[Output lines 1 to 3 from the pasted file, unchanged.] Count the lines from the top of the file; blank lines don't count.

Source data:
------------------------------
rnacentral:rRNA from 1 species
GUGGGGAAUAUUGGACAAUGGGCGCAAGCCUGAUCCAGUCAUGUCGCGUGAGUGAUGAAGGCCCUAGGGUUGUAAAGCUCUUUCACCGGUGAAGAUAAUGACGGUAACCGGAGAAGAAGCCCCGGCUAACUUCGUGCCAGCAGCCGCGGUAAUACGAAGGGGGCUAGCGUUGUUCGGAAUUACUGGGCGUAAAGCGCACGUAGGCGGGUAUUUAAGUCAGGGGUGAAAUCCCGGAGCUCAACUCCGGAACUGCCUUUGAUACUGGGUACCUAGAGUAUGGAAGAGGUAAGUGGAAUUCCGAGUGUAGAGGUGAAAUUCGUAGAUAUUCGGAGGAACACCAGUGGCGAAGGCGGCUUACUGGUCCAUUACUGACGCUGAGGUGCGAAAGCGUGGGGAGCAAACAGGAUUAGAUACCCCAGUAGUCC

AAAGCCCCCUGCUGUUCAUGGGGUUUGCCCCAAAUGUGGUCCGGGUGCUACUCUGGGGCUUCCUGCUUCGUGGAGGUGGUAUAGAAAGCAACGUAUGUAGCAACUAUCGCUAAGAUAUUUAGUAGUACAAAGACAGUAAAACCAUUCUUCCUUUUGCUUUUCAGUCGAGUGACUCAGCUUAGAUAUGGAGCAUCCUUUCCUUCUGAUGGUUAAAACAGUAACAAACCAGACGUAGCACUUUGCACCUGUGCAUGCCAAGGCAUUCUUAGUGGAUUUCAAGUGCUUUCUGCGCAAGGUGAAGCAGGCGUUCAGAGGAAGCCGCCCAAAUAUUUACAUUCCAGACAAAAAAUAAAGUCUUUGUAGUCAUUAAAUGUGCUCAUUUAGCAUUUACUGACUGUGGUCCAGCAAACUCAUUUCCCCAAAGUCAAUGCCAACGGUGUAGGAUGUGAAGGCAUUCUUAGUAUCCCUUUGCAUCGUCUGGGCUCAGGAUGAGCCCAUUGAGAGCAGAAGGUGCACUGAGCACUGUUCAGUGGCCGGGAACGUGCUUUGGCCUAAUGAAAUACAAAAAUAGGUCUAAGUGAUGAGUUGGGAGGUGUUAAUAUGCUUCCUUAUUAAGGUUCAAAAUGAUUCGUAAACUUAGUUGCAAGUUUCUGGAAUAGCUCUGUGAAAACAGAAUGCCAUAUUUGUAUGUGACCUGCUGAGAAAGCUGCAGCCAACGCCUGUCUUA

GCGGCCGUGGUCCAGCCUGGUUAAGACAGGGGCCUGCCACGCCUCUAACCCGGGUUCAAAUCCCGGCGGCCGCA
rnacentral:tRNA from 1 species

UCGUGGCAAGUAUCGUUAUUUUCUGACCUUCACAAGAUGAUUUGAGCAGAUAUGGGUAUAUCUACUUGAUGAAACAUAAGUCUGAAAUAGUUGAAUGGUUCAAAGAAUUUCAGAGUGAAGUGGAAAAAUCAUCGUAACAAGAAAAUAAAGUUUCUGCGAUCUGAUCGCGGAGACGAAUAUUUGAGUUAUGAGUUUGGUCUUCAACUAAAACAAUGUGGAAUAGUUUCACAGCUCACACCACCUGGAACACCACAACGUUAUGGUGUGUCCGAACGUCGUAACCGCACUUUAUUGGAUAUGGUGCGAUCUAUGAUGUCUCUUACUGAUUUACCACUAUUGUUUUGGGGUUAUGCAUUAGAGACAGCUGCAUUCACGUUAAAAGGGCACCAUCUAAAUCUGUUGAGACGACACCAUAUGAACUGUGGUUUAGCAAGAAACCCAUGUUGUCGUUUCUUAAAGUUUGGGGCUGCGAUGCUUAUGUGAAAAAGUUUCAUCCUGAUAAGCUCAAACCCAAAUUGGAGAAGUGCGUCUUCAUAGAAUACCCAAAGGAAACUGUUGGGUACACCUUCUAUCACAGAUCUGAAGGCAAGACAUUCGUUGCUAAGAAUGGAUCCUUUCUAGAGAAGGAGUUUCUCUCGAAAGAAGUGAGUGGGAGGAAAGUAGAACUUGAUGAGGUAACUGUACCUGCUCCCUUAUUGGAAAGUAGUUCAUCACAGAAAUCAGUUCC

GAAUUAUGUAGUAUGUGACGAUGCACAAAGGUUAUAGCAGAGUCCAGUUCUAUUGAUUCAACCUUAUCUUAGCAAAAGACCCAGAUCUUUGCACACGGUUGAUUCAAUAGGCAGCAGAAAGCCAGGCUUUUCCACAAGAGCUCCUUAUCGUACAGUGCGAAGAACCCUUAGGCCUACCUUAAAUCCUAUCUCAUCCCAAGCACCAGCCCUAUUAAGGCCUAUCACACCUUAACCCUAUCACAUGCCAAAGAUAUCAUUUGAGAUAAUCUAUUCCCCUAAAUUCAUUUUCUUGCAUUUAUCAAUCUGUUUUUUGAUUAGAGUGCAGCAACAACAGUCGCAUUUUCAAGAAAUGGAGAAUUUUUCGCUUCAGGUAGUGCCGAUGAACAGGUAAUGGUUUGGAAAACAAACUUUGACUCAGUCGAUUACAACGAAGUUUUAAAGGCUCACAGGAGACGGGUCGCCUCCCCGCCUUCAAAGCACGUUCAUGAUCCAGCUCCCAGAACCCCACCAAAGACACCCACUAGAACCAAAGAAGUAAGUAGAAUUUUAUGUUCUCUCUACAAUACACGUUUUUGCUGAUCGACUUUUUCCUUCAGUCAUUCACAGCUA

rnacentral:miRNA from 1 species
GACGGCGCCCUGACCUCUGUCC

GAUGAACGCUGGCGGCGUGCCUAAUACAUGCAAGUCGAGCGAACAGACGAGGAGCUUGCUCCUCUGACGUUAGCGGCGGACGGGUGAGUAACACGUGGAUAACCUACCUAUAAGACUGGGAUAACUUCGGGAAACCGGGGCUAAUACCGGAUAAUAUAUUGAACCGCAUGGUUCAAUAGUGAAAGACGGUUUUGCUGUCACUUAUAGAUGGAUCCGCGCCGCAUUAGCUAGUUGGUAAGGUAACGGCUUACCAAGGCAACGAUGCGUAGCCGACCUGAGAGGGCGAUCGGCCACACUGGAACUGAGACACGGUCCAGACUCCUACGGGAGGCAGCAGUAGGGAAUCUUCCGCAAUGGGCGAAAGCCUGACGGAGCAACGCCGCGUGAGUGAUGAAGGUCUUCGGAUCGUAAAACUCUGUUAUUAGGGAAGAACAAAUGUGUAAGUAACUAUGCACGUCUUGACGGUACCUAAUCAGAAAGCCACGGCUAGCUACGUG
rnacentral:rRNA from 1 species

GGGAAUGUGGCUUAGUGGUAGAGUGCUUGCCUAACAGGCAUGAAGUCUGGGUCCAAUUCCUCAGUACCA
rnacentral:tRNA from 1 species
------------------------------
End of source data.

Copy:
rnacentral:rRNA from 1 species
GUGGGGAAUAUUGGACAAUGGGCGCAAGCCUGAUCCAGUCAUGUCGCGUGAGUGAUGAAGGCCCUAGGGUUGUAAAGCUCUUUCACCGGUGAAGAUAAUGACGGUAACCGGAGAAGAAGCCCCGGCUAACUUCGUGCCAGCAGCCGCGGUAAUACGAAGGGGGCUAGCGUUGUUCGGAAUUACUGGGCGUAAAGCGCACGUAGGCGGGUAUUUAAGUCAGGGGUGAAAUCCCGGAGCUCAACUCCGGAACUGCCUUUGAUACUGGGUACCUAGAGUAUGGAAGAGGUAAGUGGAAUUCCGAGUGUAGAGGUGAAAUUCGUAGAUAUUCGGAGGAACACCAGUGGCGAAGGCGGCUUACUGGUCCAUUACUGACGCUGAGGUGCGAAAGCGUGGGGAGCAAACAGGAUUAGAUACCCCAGUAGUCC

AAAGCCCCCUGCUGUUCAUGGGGUUUGCCCCAAAUGUGGUCCGGGUGCUACUCUGGGGCUUCCUGCUUCGUGGAGGUGGUAUAGAAAGCAACGUAUGUAGCAACUAUCGCUAAGAUAUUUAGUAGUACAAAGACAGUAAAACCAUUCUUCCUUUUGCUUUUCAGUCGAGUGACUCAGCUUAGAUAUGGAGCAUCCUUUCCUUCUGAUGGUUAAAACAGUAACAAACCAGACGUAGCACUUUGCACCUGUGCAUGCCAAGGCAUUCUUAGUGGAUUUCAAGUGCUUUCUGCGCAAGGUGAAGCAGGCGUUCAGAGGAAGCCGCCCAAAUAUUUACAUUCCAGACAAAAAAUAAAGUCUUUGUAGUCAUUAAAUGUGCUCAUUUAGCAUUUACUGACUGUGGUCCAGCAAACUCAUUUCCCCAAAGUCAAUGCCAACGGUGUAGGAUGUGAAGGCAUUCUUAGUAUCCCUUUGCAUCGUCUGGGCUCAGGAUGAGCCCAUUGAGAGCAGAAGGUGCACUGAGCACUGUUCAGUGGCCGGGAACGUGCUUUGGCCUAAUGAAAUACAAAAAUAGGUCUAAGUGAUGAGUUGGGAGGUGUUAAUAUGCUUCCUUAUUAAGGUUCAAAAUGAUUCGUAAACUUAGUUGCAAGUUUCUGGAAUAGCUCUGUGAAAACAGAAUGCCAUAUUUGUAUGUGACCUGCUGAGAAAGCUGCAGCCAACGCCUGUCUUA